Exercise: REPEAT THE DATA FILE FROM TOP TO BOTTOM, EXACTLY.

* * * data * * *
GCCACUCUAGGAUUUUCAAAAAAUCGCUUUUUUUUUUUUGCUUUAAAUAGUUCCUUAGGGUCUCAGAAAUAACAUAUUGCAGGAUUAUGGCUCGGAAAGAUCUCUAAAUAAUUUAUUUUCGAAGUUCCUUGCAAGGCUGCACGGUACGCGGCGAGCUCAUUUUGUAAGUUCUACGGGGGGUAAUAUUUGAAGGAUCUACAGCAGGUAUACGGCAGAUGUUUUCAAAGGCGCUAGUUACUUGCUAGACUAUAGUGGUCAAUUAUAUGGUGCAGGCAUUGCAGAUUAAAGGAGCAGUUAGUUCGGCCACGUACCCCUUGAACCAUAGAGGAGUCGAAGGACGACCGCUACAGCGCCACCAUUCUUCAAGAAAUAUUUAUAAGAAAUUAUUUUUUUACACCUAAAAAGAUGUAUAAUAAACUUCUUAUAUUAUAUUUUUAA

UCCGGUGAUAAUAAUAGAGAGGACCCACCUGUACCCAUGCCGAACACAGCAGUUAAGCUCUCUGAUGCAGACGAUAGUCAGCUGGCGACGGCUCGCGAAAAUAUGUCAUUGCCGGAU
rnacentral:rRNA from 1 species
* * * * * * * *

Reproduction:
GCCACUCUAGGAUUUUCAAAAAAUCGCUUUUUUUUUUUUGCUUUAAAUAGUUCCUUAGGGUCUCAGAAAUAACAUAUUGCAGGAUUAUGGCUCGGAAAGAUCUCUAAAUAAUUUAUUUUCGAAGUUCCUUGCAAGGCUGCACGGUACGCGGCGAGCUCAUUUUGUAAGUUCUACGGGGGGUAAUAUUUGAAGGAUCUACAGCAGGUAUACGGCAGAUGUUUUCAAAGGCGCUAGUUACUUGCUAGACUAUAGUGGUCAAUUAUAUGGUGCAGGCAUUGCAGAUUAAAGGAGCAGUUAGUUCGGCCACGUACCCCUUGAACCAUAGAGGAGUCGAAGGACGACCGCUACAGCGCCACCAUUCUUCAAGAAAUAUUUAUAAGAAAUUAUUUUUUUACACCUAAAAAGAUGUAUAAUAAACUUCUUAUAUUAUAUUUUUAA

UCCGGUGAUAAUAAUAGAGAGGACCCACCUGUACCCAUGCCGAACACAGCAGUUAAGCUCUCUGAUGCAGACGAUAGUCAGCUGGCGACGGCUCGCGAAAAUAUGUCAUUGCCGGAU
rnacentral:rRNA from 1 species